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2010 Hurricane Season ... Looks Like Another Busted 'Forcast'

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posted on Oct, 7 2010 @ 08:08 AM
The hurricane predictors should join ATS. They seem to have about the same track record on their forecasting.

INTERVIEW-U.S. gets off lightly in active hurricane season

MIAMI, Oct 6 (Reuters) - The 2010 Atlantic hurricane season has been very active in the number of storms but is likely to go down as a non-event for most people in the United States, which has so far dodged a major landfall, the top official U.S. hurricane forecaster said on Tuesday.

Before the June 1-Nov. 30 season got under way, residents of hurricane danger zones were warned by many forecasters they faced a very high probability of a major hurricane making landfall along the U.S. coastline.

That has not happened and with the most active part of the season winding down in the next two weeks or so, the chances of a major impact on the U.S. mainland or on energy interests in the Gulf of Mexico are ebbing.

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posted on Oct, 7 2010 @ 09:02 AM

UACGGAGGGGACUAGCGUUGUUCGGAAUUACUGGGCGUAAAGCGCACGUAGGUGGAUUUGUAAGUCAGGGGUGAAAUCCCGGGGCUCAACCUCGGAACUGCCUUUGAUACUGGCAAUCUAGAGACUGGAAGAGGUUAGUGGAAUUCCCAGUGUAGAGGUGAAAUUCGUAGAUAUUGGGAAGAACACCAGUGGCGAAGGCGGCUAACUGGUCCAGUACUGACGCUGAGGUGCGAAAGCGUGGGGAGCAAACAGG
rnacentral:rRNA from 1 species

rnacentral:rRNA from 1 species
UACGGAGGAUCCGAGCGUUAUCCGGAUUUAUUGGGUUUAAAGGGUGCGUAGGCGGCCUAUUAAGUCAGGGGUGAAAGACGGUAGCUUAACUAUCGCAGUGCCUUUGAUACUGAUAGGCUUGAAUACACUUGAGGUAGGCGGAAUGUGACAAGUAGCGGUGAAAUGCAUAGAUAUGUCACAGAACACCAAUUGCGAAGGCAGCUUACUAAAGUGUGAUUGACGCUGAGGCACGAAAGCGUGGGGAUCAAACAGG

While I'm not arguing that their forecasts have outcomes similar to predictions and prophecies on ATS, I have to pick on the wording of the article. The most active part of the season may be over in two weeks but the season doesn't end for almost 2 months. Personally I'd prefer to wait until the end of the season before making judgment on the forecasters that can barely tell you what happened yesterday. We are still in an infancy of understanding how weather works and will hopefully learn from this inaccurate forecast.

posted on Oct, 9 2010 @ 09:28 AM
Dr. Ryan N. Maue's 2010 Global Tropical Cyclone Activity Update

Update: Current Year-to-Date analysis of Northern Hemisphere and Global Tropical Cyclone Accumulated Cyclone Energy (ACE) AND Power Dissipation Index (PDI) has fallen even further than during the previous 3-years. The global activity is at 33-year lows and at a historical record low where Typhoons form in the Western Pacific.

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